As it turns out, I have both a sinus infection and an ear infection - yes, an ear infection.  I seem to have inherited bad ears, and while most people normally outgrow ear infections, I have not. The doctor was very kind, and we both practiced our language skills and vocabulary, and when necessary we resorted to using Google Translate!

I left with five different prescriptions. I have come to understand that the French love their antibiotics and issue them for nearly everything. Being allergic to the standard antibiotic, I usually just don't take them, and instead prefer homeopathic treatments.  I stopped by the pharmacy and filled three of the prescriptions, and then the following day I walked 45 minutes to the nearest Bio/Natural Foods store (like a Sprouts or Vitamin Cottage) where I found some tinctures and teas and beautiful veggies!

I think I am on the road to recovery, finally, but just in case, I did a little research into home remedies..... if I don't feel better soon, evidently I can tie onions to my ears and shove horseradish up my nose and that will cure me!!

This little adventure taught me a few things:  let people help you, ask questions, know that you'll make a fool of yourself and that's ok, have fun on this adventure called life and make friends along the way - you only get to do it once and it makes for great stories!

Wednesday, January 7, 2015

I Might Be a Foodie....

As I reflect on my recent vacation, I think of time with friends, beautiful architecture, and FOOD! I have kept a personal journal for many years, and when I don't have time to journal my thoughts and experiences in detail, I take a few minutes to jot down the food I've been eating, and with these notes my senses are stirred, and I can recall my thoughts and emotions at various points in time based on the food. Food done right touches my soul, and it not only evokes emotions, but it also captures emotions that I can share through my baking experiments.

Disclaimer: For those who don't really care about food, you can stop reading now because you just won't understand or appreciate this post, but for my fellow foodies out there, here's the highlights of my vacation:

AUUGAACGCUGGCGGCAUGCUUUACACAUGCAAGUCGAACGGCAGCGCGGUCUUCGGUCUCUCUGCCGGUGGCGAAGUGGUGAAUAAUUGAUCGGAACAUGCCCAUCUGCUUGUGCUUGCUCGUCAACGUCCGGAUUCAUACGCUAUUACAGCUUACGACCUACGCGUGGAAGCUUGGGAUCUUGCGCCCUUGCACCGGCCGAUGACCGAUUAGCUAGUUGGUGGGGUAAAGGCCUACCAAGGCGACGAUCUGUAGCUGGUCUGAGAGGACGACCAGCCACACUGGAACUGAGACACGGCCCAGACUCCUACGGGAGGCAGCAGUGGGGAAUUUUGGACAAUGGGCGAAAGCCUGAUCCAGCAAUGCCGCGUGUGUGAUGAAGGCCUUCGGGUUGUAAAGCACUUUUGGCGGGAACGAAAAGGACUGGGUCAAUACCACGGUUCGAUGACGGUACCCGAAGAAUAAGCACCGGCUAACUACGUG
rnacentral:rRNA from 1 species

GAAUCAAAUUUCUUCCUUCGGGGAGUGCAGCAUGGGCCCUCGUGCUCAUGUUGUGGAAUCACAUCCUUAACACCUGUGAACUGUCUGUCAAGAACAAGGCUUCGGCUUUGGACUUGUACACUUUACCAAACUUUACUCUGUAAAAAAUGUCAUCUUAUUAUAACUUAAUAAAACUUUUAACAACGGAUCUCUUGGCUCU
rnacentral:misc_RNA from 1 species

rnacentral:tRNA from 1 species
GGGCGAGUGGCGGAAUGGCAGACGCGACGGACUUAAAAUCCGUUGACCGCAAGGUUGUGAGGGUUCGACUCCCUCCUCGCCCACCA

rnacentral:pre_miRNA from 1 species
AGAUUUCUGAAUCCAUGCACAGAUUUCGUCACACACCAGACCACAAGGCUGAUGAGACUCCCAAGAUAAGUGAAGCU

Christmas Eve dinner was with a French colleague and her family - brothers, sisters, significant others, parents, grandmother - a tiny French apartment filled with kind people, much laughter, and delicious food.  The evening started with smoked marlin, a Spanish salami, bellini with herbed cream cheese topped with smoked salmon, and homemade froie gras. These appetizers were accompanied by the best white wine I've ever had. I didn't catch the name, but it was bottled in 1989. The entrée was confit du canard accompanied by a 1995 red wine that was the perfect compliment. We had homemade macaroons that melted in your mouth, and miniature rum cakes that were perfect as leftovers on Christmas morning with a cup of tea. And, in traditional French fashion, we finished the meal with a cheese plate.

I spent Christmas day with a couple of my American colleagues. They made a pot of chili that was surprisingly good - surprising because we bought the ingredients at a little Arabic store that was open on Christmas day, so we weren't sure what sort of spices we were actually getting. While the chili simmered, I made a pie - pear, cranberry, pistachio. In my family we have a pie bake-off at Christmastime each year, and so this was my long-distance entry.

A few days after Christmas I took a 6 hour bus ride from Paris to Antwerp and met up with a friend from Denver that was visiting her family in the area. We spent the day sightseeing and eating our way around the city.